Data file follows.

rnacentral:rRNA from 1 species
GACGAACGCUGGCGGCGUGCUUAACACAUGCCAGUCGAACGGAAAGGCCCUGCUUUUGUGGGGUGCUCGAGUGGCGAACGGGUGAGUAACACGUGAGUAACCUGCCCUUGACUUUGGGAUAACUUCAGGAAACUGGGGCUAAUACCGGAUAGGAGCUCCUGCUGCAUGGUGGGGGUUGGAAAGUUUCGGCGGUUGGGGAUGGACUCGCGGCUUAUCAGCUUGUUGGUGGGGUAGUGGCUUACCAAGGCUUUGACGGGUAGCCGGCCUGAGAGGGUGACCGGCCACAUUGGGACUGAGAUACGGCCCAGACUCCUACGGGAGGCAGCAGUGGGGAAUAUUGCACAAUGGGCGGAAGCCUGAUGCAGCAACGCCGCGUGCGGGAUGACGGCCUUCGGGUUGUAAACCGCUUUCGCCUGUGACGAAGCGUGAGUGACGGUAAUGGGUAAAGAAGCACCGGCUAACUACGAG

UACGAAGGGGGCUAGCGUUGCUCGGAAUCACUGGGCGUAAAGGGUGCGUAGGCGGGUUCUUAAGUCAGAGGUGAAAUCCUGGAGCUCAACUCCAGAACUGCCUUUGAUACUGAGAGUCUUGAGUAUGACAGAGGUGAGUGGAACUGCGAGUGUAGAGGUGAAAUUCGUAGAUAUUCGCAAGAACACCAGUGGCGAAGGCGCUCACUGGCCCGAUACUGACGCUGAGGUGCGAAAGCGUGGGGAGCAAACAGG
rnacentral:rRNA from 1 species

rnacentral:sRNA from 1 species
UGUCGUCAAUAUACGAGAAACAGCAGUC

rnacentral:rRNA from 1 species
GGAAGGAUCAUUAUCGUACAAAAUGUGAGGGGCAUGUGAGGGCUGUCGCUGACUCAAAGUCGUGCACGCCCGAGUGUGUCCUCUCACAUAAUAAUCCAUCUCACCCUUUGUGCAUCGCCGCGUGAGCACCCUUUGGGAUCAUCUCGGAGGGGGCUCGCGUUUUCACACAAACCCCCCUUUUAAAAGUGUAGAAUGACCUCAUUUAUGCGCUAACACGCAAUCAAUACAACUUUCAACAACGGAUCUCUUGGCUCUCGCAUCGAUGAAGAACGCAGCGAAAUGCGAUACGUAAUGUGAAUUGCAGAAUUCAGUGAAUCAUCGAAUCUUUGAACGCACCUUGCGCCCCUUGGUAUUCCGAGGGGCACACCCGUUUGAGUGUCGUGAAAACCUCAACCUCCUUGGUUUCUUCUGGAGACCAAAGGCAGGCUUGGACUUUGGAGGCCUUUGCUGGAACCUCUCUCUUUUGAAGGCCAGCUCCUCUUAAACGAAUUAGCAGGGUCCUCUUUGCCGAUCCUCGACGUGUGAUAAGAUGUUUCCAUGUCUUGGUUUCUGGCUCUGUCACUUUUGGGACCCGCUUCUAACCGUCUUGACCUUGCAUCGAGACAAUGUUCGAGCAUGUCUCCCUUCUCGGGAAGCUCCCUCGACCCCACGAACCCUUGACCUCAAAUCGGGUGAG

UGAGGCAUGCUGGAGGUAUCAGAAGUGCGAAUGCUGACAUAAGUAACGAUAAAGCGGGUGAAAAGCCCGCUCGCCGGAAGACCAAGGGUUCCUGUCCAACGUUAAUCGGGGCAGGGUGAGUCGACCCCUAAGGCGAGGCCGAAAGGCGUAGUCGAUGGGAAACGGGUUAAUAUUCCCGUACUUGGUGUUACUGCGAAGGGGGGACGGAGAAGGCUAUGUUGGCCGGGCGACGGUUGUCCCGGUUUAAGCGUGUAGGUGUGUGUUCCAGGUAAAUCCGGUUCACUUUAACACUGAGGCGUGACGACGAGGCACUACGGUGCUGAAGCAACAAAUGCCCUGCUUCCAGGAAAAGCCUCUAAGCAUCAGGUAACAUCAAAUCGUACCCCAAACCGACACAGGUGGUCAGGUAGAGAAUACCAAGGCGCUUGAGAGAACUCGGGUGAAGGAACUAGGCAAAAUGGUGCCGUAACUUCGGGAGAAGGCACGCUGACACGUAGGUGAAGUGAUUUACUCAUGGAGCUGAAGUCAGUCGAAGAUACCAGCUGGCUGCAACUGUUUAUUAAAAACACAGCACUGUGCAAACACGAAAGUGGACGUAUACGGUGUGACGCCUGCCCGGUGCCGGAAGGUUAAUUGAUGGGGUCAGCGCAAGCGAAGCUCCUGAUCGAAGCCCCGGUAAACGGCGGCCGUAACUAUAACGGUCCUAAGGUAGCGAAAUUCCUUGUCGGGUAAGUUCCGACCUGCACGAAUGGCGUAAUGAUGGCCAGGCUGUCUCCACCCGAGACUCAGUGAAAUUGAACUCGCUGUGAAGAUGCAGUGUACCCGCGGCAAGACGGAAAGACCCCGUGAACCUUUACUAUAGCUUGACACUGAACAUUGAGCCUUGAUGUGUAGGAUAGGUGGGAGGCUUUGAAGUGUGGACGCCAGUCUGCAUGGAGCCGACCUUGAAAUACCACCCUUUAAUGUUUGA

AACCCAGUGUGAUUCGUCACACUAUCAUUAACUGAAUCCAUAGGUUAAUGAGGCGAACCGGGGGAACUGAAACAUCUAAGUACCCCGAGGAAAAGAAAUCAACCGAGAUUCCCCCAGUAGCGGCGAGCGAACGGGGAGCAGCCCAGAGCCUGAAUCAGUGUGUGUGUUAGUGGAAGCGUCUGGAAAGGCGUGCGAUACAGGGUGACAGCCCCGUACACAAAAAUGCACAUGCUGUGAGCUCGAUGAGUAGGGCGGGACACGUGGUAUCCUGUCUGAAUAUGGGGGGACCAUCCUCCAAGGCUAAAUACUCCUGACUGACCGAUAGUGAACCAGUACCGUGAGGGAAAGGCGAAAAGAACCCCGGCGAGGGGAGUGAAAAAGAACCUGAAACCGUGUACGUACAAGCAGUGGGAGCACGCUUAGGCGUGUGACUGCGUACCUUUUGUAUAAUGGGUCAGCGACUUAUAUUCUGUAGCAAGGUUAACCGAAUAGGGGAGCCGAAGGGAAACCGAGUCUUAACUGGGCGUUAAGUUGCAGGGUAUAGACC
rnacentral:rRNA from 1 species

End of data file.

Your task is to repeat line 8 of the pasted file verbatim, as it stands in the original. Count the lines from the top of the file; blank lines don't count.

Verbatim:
GGAAGGAUCAUUAUCGUACAAAAUGUGAGGGGCAUGUGAGGGCUGUCGCUGACUCAAAGUCGUGCACGCCCGAGUGUGUCCUCUCACAUAAUAAUCCAUCUCACCCUUUGUGCAUCGCCGCGUGAGCACCCUUUGGGAUCAUCUCGGAGGGGGCUCGCGUUUUCACACAAACCCCCCUUUUAAAAGUGUAGAAUGACCUCAUUUAUGCGCUAACACGCAAUCAAUACAACUUUCAACAACGGAUCUCUUGGCUCUCGCAUCGAUGAAGAACGCAGCGAAAUGCGAUACGUAAUGUGAAUUGCAGAAUUCAGUGAAUCAUCGAAUCUUUGAACGCACCUUGCGCCCCUUGGUAUUCCGAGGGGCACACCCGUUUGAGUGUCGUGAAAACCUCAACCUCCUUGGUUUCUUCUGGAGACCAAAGGCAGGCUUGGACUUUGGAGGCCUUUGCUGGAACCUCUCUCUUUUGAAGGCCAGCUCCUCUUAAACGAAUUAGCAGGGUCCUCUUUGCCGAUCCUCGACGUGUGAUAAGAUGUUUCCAUGUCUUGGUUUCUGGCUCUGUCACUUUUGGGACCCGCUUCUAACCGUCUUGACCUUGCAUCGAGACAAUGUUCGAGCAUGUCUCCCUUCUCGGGAAGCUCCCUCGACCCCACGAACCCUUGACCUCAAAUCGGGUGAG